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  • Writer's pictureThe San Juan Daily Star

Wall St ends higher with earnings poised to ramp up

U.S. stocks ended higher to kick off the trading week on Monday, buoyed by gains in financial and technology shares as investors awaited the next round of quarterly results this week as earnings season gathers speed.

Companies scheduled to report earnings this week include Tesla and Netflix, while more big banks in the form of Bank of America, Morgan Stanley and Goldman Sachs are also on the docket to post results, following reports from peers such as JP Morgan and Citigroup last week.

Investors will be paying attention to company outlooks, with earnings for the quarter expected to decline 8.1%, according to Refinitiv data, a bigger decline than the 5.7% fall expected at the start of the month.

“Obviously, we are about to get all these (earnings) reports but it feels to me earnings are going to be good and at the end of the day, how do you value stocks – based on the earnings and dividends,” said Stephen Massocca, senior vice president at Wedbush Securities in San Francisco.

“By and large, the market in its totality continues to be reasonably priced if not kind of cheap. My bigger concern going forward is the Fed is going to start doing things it doesn’t need to do to win the inflation battle but will ultimately now really start to hurt the economy.”

Equities have rallied recently, with the S&P 500 and Nasdaq climbing to 15-month highs as economic data has pointed to a resilient economy, with inflation cooling and a solid labor market.

Markets have largely priced in a 25-basis-point rake hike by the Federal Reserve at its policy meeting next week, with expectations at 97.3%, according to CME’s FedWatch Tool.

According to preliminary data, the S&P 500 gained 16.87 points, or 0.37%, to end at 4,522.29 points, while the Nasdaq Composite gained 131.25 points, or 0.91%, to 14,242.26. The Dow Jones Industrial Average rose 73.79 points, or 0.21%, to 34,582.82.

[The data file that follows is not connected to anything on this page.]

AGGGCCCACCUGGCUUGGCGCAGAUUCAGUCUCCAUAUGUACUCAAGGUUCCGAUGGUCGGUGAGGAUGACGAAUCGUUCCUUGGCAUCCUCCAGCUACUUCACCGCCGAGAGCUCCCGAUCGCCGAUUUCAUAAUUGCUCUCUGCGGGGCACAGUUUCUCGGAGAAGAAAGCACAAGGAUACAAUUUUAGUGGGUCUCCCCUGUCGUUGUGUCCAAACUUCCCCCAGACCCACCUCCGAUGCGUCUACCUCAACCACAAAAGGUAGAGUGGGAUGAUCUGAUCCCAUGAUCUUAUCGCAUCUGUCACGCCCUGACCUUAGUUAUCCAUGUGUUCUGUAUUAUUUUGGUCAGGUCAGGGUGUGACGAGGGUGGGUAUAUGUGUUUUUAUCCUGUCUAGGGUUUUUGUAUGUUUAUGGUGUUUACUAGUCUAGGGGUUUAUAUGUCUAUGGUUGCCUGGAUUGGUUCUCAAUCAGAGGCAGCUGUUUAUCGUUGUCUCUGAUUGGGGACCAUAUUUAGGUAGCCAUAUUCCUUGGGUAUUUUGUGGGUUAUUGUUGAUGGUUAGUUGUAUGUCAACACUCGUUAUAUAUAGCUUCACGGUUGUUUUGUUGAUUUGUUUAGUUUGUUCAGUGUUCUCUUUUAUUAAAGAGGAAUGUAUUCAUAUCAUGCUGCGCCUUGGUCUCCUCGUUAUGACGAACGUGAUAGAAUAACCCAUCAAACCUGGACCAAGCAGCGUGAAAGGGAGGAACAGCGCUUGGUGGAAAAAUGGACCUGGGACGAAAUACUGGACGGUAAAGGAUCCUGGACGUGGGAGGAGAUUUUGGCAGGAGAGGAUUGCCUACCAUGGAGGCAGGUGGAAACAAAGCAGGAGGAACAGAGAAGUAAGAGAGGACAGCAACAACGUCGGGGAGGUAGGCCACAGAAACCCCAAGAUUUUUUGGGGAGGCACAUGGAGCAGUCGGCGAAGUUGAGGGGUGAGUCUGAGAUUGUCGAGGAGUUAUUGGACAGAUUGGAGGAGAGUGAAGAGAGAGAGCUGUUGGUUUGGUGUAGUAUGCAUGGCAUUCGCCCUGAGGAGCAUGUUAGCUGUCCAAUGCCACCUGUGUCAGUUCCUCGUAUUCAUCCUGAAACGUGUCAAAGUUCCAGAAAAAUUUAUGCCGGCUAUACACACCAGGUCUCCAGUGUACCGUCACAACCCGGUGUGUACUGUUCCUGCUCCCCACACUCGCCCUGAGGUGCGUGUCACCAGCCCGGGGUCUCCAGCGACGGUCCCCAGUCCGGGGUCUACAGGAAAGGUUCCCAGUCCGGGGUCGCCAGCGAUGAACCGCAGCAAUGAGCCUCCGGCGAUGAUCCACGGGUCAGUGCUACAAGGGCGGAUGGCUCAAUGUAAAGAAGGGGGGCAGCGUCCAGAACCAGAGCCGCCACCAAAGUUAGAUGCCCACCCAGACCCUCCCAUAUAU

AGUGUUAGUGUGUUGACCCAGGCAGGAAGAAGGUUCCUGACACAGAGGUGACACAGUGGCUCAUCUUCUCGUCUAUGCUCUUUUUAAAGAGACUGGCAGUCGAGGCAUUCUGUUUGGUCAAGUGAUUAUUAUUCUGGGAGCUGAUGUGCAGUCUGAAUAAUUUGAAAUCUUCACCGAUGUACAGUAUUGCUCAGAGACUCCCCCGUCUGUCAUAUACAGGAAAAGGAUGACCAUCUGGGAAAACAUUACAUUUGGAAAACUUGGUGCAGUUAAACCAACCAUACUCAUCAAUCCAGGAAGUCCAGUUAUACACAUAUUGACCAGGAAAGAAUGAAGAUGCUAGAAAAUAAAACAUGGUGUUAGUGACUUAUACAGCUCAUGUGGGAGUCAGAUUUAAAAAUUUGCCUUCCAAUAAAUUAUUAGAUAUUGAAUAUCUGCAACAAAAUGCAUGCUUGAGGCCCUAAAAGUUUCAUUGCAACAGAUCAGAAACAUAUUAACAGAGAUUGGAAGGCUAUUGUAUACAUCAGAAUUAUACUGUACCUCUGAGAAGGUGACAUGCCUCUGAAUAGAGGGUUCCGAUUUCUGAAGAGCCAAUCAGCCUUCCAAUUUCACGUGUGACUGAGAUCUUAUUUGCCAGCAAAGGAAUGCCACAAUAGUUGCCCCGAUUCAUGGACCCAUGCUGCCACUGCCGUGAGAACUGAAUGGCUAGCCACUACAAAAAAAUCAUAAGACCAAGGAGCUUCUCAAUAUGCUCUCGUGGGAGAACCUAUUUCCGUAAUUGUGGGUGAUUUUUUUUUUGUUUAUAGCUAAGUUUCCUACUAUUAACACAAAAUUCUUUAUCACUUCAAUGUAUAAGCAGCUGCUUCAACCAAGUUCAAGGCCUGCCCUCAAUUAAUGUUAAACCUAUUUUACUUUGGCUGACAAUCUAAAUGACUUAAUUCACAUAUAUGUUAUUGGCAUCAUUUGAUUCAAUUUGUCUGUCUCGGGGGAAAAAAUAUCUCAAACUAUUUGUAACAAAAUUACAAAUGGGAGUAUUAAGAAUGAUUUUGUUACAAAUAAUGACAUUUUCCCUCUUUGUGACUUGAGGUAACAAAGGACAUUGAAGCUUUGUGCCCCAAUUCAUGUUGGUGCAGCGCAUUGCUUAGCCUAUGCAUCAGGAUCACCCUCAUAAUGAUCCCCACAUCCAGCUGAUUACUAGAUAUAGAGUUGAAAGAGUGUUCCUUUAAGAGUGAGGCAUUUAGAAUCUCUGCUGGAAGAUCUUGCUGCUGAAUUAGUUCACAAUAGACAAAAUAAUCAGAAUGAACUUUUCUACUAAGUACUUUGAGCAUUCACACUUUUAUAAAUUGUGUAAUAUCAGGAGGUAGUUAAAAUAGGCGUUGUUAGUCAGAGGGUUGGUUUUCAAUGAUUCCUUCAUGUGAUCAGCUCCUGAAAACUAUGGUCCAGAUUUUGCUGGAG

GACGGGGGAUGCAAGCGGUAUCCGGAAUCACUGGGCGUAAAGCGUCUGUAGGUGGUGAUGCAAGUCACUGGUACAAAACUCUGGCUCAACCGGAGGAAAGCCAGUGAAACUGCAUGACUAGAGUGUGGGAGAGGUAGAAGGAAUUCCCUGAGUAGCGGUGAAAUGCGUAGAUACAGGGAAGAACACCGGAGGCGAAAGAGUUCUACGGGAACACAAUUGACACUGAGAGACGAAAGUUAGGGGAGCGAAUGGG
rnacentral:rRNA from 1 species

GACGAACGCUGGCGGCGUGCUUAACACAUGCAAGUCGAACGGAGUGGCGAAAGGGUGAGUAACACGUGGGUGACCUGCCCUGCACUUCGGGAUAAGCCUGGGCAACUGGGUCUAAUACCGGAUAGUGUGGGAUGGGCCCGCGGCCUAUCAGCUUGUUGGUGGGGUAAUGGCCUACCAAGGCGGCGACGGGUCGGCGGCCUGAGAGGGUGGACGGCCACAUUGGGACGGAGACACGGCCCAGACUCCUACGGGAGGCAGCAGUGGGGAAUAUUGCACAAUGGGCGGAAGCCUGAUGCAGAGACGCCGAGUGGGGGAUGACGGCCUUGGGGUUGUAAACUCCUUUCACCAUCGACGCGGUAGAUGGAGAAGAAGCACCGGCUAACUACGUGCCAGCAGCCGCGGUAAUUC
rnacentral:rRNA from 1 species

The S&P and Nasdaq have advanced in five of the past six sessions.

Tesla gained after the company said on Saturday it had built its first Cybertruck, after two years of delays.

In contrast, Ford Motor tumbled after the automaker cut the price of its F-150 Lightning trucks, the latest salvo in a deepening price war among electric vehicle makers. Peers General Motors and Rivian also slumped.

Apple advanced after Morgan Stanley raised its target price on the iPhone maker to $220 from $190, citing a bullish outlook on India as an emerging growth driver for the company.

Bank shares recovered from Friday’s losses, with the S&P 500 bank index up and the KBW regional bank index also advancing.

Activision Blizzard rose after Microsoft said it has signed an agreement to keep “Call of Duty” on PlayStation following its acquisition.

In addition, Microsoft was granted a two-month pause of its appeal over Britain’s block against the deal to give the parties more time to reach an agreement.

AT&T slumped to a 30-year low after Citi downgraded the telecom operator over risks tied to lead cables left buried in the United States. Verizon shares also dropped to their lowest level in nearly 13 years.The S&P 500 posted 40 new 52-week highs and 4 new lows; the Nasdaq Composite recorded 97 new highs and 60 new lows.

Offsetting some of the day’s upbeat tone, a separate report showed weekly jobless claims unexpectedly fell last week, indicating that the labor market remains tight.

Focus also is shifting to the second-quarter U.S. earnings season kicking off this week. Shares of JPMorgan Chase ended up 0.5% ahead of its quarterly results due before the opening bell Friday.

“We might have another quarter here where the positive sentiment will continue,” said Alan Lancz, president of Alan B. Lancz & Associates Inc. in Toledo, Ohio.

“As long as expectations and guidance are in line, that’s what a lot of institutional investors will be looking at.”

Delta Air Lines ended near flat after rising on news it lifted its full-year profit outlook, citing a relentless post-pandemic travel boom.

PepsiCo shares jumped 2.4% after the company raised its annual revenue and profit forecasts for the second time.

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